Tuesday, May 31, 2011

The problem with turning faith into a human achievement.

To even make faith a sort of disposition that is required (a feeling, a cognitive awareness, a self-understanding, a longing, a desire) is problematic in that, however minute and simple, however easy, the very fact that it is found in you makes it questionable. "Faith is uncertain," Luther once said, and his diatribes against the same have gone scarcely noticed by theologians today. The matter becomes wholly relative; a sort of gaseous pathogen that flits from one portion of the human construct to another, always escaping the gaze or, if caught, evaporating.
Barth once called faith a pure negation, a pure lack, a vacuum. He was right, and right also to immediately speak against turning this into a human thing. Faith is not a human thing. It is in us, but we cannot locate it or describe it. It is in us, but there is no part of it to which we are attached. We cannot say that we have it, yet a paradox forms in the epiphenomenon of assurance and joy. How can these things come if one does not know faith? Justifying faith! Yet as soon as we return to our self-reflection, the despair returns. Human achievements work despair alone.

Tuesday, May 17, 2011

What theological era are we in currently?

If I can compare it to anything, it would be that of the age of Medieval Scholasticism. Instead of reading and expositing the scriptures, theologians content themselves with the writings of Karl Barth or the modern church fathers (Bonhoeffer, Troeltsch, Yoder, Schleiermacher, Tillich etc...). Does anyone not see in this a stunning analogue to the days where the prime task of a theologian was to comment on Peter Lombard's Sentences?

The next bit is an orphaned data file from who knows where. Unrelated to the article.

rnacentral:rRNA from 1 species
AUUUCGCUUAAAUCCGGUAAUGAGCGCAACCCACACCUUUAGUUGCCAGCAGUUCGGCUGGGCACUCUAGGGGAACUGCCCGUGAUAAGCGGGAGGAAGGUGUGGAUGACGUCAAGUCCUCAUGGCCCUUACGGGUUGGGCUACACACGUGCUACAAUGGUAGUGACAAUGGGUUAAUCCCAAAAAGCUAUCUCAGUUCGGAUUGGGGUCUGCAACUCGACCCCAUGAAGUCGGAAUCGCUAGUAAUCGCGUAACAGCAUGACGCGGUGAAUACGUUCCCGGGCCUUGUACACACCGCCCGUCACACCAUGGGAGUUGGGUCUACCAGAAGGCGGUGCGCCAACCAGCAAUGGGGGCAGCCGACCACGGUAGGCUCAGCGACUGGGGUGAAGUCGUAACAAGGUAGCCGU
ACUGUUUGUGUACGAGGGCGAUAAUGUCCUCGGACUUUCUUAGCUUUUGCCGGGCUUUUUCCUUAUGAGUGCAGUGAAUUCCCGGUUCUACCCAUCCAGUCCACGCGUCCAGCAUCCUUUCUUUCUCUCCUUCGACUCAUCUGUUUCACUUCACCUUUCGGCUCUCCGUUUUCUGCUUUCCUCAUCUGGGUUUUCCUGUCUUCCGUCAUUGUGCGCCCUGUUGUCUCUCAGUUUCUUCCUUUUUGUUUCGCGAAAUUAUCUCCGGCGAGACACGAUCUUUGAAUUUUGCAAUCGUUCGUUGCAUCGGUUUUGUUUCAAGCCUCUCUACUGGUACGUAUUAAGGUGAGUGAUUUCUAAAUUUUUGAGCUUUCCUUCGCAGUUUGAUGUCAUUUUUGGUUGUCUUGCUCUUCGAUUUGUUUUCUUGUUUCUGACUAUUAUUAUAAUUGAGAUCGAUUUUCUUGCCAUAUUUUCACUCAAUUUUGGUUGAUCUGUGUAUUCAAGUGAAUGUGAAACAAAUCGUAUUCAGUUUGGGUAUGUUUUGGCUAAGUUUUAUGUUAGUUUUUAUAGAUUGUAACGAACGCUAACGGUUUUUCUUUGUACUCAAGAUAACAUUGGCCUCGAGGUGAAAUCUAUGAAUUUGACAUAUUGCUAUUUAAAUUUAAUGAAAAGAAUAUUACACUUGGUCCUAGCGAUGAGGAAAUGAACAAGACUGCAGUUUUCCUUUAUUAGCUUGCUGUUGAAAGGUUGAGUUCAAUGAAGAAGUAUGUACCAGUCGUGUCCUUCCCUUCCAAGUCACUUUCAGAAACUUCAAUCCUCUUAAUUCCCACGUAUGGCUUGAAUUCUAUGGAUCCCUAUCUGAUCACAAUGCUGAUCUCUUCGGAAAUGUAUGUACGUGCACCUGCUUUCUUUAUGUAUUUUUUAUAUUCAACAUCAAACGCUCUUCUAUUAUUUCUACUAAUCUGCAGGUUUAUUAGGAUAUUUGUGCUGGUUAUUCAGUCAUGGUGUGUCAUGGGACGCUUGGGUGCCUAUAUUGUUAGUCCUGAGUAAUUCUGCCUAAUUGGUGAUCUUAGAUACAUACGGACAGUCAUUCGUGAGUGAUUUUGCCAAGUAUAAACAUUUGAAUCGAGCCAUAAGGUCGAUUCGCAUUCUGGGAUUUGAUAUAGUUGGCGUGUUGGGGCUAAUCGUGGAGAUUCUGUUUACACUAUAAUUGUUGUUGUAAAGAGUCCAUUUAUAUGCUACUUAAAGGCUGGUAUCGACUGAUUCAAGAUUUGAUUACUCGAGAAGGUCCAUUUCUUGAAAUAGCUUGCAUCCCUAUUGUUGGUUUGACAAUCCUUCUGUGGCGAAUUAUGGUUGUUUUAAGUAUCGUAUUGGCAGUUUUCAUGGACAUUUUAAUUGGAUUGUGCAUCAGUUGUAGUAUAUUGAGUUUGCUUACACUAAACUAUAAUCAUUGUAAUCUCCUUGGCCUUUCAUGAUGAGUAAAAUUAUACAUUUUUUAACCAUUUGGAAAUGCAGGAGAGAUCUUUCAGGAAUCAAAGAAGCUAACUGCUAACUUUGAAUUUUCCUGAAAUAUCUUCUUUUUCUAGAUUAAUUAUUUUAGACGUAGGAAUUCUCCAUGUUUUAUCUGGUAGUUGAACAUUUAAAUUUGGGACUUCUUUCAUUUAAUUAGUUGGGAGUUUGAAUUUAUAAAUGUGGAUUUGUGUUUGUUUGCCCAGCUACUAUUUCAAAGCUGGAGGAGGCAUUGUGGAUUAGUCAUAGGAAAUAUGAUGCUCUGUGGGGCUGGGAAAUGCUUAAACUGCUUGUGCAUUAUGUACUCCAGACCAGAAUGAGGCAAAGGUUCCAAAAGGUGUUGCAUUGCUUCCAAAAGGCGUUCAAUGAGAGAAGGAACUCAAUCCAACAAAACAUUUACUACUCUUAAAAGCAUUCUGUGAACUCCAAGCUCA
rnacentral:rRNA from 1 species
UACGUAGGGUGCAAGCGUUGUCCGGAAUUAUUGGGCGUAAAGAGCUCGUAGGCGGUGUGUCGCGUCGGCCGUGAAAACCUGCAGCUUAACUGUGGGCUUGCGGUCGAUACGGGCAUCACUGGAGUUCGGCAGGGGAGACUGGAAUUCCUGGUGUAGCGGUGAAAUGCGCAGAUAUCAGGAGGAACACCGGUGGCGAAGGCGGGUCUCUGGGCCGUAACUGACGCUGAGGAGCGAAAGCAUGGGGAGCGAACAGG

Wednesday, May 11, 2011

Theological Lightbulb!

This correlation, if true, has no doubt been held and explained far more profoundly and accurately than I (a querelous little brat) could ever dream of doing. Nevertheless, I am excited at having made this particular revelation personal:

The correlaton is between Arianism and the dignity of nature. Clearly, if Jesus was (is) not God but a lesser, created being... how far of a stretch is it to proceed from this presupposition to the assumption of a natural dignity bestowed on the creature, unhampered (though perhaps weakened or neutralized for a time by the fall)? Especially in light of Jesus' incarnation (seen from the Arian standpoint) may we not begin to assume that all of the great and magnificent things done by this Christ are examples of the universal human possibility; albeit in the clearest and most honorable light as compared with all other men? And is it not the case, then, that the focus of Christ's redemptive activity is not in the mere forgiveness of sins or justification of the wicked sinner by grace, but in his exemplary instruction (no doubt still through his vicarious suffering) to humanity through word and deed, in his pedagogical revealing of the potency of humans to do good of themselves, or perhaps in tandem with the power of God? Perhaps, at the end of the dogmatic reflection, Jesus saves men by teaching them to save themselves?

Historical thesis: It is necessary that the heresy of Arianism precede and pave in definite and decisive forms the way for the later heresy of Pelagianism.

My correlative discovery should not be immediately applied sweepingly to all Arians. In historical reflection I wish as much as possible to treat individuals (even Arian individuals) as individuals, rather than guilty on all points by association with certain schools of thought. But if I apply my thesis to the immediate materials of knowledge available to me, I find some intriguing results: